Confronting the Issue of Sexual Violence in Africa

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Dr. Denis Mukwege has been jointly awarded the Nobel Peace Prize along with Nadia Murad for their efforts to end the use of sexual violence as a weapon of war. Mukwege is a doctor in the Democratic Republic of Congo who for many years has been treating women who have been victims of sexual violence due to the ongoing conflict in the Congo. Mukwege’s patients have been women of all ages, including little girls. Many of these women were not only violently raped, but were also horrifically mutilated as well. Mukwege has not only been treating victims of the war, but he has been a very outspoken about ending the atrocities being committed in the Congo. This has made him a target of violence. In 2012 he survived an assassination attempt.

The Congo is one of many African countries that have been confronted with the issue of rape being used as a tool of war. During the civil war in Sierra Leone women were subjected to being tortured, mutilated, and raped. Sexual violence has also been rampant in the ongoing conflict in the Central African Republic. A report on the civil war in South Sudan found that one in four adolescent girls had considered suicide due to the trauma that they experienced, which has included sexual violence. Sexual violence has also been commonplace in the Darfur conflict in the Sudan. The issue of sexual violence against women in Africa is not only one that is related to armed conflicts, as South Africa demonstrates. South Africa has been labeled as the “rape capital of the world.”

Over the years certain Western commentators have used the violence and conflicts in Africa as evidence of Africa’s inherent backward or savage nature. These conflicts are viewed as a sort of atavism, in which Africans have returned back to the state of savagery that Europeans found them in prior to the colonization of Africa. These acts of sexual violence against African women certainly fit with the Western narratives about African men having violently uncontrollable sexual urges. The justification for castrating and lynching African American men was the notion that African American men were violently raping white women, although, as Ida B. Wells-Barnett demonstrated, the reality was that white men were actually the ones committing acts of sexual violence against African American women. European men also brutalized and raped African women during colonialism. In Namibia, for example, German men raped many of the Herero women. By accusing Africans of being hypersexual, European men were engaging in what psychologists refer to as “projection.”

The other reality that must be pointed out is that African societies were generally societies in which the abuse of women was not tolerated. In West Africa, for example, women had a tradition in which they would collectively organize to harass any man who abused or offended a woman until that man apologized and made amends for his wrong doing. This is known as “sitting on a man” by the Igbo people of Nigeria, but this practice has other names in other parts of West Africa. Women in countries such as Nigeria, Togo, and Cameroon used this very tradition to protest against colonialism.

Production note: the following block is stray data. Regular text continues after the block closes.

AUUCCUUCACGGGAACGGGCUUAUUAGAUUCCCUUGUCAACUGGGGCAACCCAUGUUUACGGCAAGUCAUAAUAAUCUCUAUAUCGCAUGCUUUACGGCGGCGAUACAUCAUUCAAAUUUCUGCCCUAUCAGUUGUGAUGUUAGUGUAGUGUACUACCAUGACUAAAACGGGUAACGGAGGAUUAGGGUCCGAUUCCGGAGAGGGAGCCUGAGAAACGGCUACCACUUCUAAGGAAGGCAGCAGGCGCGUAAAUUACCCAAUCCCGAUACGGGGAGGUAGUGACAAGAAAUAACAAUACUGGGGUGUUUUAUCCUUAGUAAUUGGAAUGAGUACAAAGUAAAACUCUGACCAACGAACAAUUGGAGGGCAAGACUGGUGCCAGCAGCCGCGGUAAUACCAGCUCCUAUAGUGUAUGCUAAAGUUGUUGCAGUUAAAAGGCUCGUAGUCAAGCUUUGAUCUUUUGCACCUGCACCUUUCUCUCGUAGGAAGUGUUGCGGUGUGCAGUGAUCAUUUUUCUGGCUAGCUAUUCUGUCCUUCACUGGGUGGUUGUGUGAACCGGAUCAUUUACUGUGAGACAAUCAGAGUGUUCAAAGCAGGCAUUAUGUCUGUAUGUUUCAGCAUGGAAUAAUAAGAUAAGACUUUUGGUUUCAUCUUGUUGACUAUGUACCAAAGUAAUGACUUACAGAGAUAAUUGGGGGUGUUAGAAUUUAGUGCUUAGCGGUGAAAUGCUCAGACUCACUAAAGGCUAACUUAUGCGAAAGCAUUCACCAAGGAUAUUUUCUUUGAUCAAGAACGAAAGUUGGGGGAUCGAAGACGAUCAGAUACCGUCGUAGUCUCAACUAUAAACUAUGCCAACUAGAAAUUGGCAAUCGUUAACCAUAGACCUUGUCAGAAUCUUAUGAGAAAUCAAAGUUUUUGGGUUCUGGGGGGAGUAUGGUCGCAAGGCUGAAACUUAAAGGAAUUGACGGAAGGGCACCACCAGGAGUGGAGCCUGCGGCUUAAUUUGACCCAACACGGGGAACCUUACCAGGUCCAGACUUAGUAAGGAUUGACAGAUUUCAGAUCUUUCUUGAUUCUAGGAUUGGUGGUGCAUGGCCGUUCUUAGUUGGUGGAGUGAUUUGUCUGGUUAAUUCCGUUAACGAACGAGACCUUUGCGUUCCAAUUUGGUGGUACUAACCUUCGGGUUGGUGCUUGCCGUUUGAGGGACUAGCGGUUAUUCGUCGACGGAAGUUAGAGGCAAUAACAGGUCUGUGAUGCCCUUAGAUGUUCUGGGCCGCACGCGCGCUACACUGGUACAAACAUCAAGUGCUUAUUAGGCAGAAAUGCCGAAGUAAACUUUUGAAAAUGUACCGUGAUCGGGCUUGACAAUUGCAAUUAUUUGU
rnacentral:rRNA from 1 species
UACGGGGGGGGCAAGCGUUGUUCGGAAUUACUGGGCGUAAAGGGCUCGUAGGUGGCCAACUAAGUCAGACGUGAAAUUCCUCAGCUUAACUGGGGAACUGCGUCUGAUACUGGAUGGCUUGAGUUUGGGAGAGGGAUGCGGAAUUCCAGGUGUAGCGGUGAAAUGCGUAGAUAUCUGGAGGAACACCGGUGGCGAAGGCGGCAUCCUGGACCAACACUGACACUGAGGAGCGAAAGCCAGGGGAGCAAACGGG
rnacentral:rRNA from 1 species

In South Africa the Zulu king Cetshwayo was questioned by some Europeans about a situation in which a man who attempted to assault a woman had killed himself. Cetshwayo explained that the man had killed himself because he knew the punishment for his actions would have been death. In Zulu society there were very few crimes which were punished by death and assaulting a woman was one of those crimes. The colonial reports noted that the Basotho people under Moshoeshoe’s leadership did have any form of capital punishment — this was not uncommon in Africa — and that rape was punished by a fine. Among the Acholi/Luo people of Uganda, rape was virtually unknown, which is why their traditional judicial system, which is known as Mato Oput, had no provisions for punishing the offense of rape. Rev MacBaker Ochola explained: “For example, gangrape was unknown among the traditional Acholi/Central Luo. Therefore Mato Oput is not applicable to gang-rape. Though rare, father-daughter incest also has no provision for Mato Oput. Indeed, rape, cannibalism, incest, etc., mostly appear in folklore of the Central Luo attributed to the Ogre (Obibi).” The kingdom of Kanem-Borno was said to have been so safe that “a lone woman clad in gold might walk with none to fear but God.”

I could go on and list more examples, but the point is that, contrary to what some may believe, the issue of sexual violence in Africa is not related to any type of inherent savagery or barbarity within African people. Rather, the problem stems from the erosion of many of the traditional institutions which empowered and protected women. The problem also stems from the political instability in Africa, which again traces its roots to manner in which colonialism has eroded African traditions. Finding the roots of the problem is the easy part, but correcting the issue is a serious challenge because African leaders themselves do not want to confront the issue. The rest of the world sees Mukwege as a hero for the work that he has done in the Congo, but the Congolese government has tried to censor any media related to his work because it exposes the deplorable situation that exists in the Congo. The Congolese government would much rather ignore and cover up the abuse.

Dwayne is the author of several books on the history and experiences of African people, both on the continent and in the diaspora. His books are available through Amazon. You can also follow Dwayne on Facebook and Twitter.

Dwayne Wong (Omowale) is a Guyanese born Pan-Africanist, author, and law student.

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